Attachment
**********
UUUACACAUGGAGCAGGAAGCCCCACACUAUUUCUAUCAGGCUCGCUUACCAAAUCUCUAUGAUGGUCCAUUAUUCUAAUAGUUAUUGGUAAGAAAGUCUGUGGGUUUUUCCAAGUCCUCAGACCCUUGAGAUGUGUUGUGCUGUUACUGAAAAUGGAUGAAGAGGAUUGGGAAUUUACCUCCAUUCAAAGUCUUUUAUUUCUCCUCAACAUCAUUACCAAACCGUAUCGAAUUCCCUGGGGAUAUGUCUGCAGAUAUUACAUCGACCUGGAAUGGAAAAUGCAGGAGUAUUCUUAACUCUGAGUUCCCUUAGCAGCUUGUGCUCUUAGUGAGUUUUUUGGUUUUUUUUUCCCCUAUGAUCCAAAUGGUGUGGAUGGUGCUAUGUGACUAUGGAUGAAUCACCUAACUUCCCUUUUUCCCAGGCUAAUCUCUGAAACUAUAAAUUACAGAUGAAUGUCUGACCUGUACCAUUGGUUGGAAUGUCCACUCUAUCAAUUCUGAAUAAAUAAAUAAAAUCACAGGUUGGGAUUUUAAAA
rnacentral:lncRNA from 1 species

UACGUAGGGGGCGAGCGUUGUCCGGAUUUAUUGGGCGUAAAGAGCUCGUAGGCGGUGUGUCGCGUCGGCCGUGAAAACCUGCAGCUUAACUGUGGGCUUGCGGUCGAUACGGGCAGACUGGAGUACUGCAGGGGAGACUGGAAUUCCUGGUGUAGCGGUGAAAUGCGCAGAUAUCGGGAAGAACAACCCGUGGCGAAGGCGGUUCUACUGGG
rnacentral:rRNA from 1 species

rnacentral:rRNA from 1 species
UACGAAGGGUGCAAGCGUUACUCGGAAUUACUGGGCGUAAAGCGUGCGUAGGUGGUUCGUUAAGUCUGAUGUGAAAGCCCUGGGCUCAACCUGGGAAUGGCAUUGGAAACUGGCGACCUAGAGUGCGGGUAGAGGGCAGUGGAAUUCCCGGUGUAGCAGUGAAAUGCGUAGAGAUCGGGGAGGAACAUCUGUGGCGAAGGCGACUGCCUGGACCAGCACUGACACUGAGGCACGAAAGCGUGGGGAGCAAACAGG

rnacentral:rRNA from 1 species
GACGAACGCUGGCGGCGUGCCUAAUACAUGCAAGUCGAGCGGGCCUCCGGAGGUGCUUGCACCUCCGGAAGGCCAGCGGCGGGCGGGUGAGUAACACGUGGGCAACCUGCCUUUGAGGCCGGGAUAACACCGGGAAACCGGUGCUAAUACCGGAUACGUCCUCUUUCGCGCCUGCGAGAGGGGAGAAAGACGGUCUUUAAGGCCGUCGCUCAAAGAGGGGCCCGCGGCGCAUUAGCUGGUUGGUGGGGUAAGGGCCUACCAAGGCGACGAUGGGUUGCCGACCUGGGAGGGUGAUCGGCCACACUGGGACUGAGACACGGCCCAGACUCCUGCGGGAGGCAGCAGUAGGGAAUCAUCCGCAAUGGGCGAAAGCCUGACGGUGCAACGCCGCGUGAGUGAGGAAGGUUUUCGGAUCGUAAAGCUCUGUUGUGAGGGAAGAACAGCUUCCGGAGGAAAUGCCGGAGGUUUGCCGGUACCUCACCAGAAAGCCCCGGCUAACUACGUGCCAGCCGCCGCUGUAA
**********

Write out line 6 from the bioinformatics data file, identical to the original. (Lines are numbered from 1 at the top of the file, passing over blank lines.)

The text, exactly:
UACGAAGGGUGCAAGCGUUACUCGGAAUUACUGGGCGUAAAGCGUGCGUAGGUGGUUCGUUAAGUCUGAUGUGAAAGCCCUGGGCUCAACCUGGGAAUGGCAUUGGAAACUGGCGACCUAGAGUGCGGGUAGAGGGCAGUGGAAUUCCCGGUGUAGCAGUGAAAUGCGUAGAGAUCGGGGAGGAACAUCUGUGGCGAAGGCGACUGCCUGGACCAGCACUGACACUGAGGCACGAAAGCGUGGGGAGCAAACAGG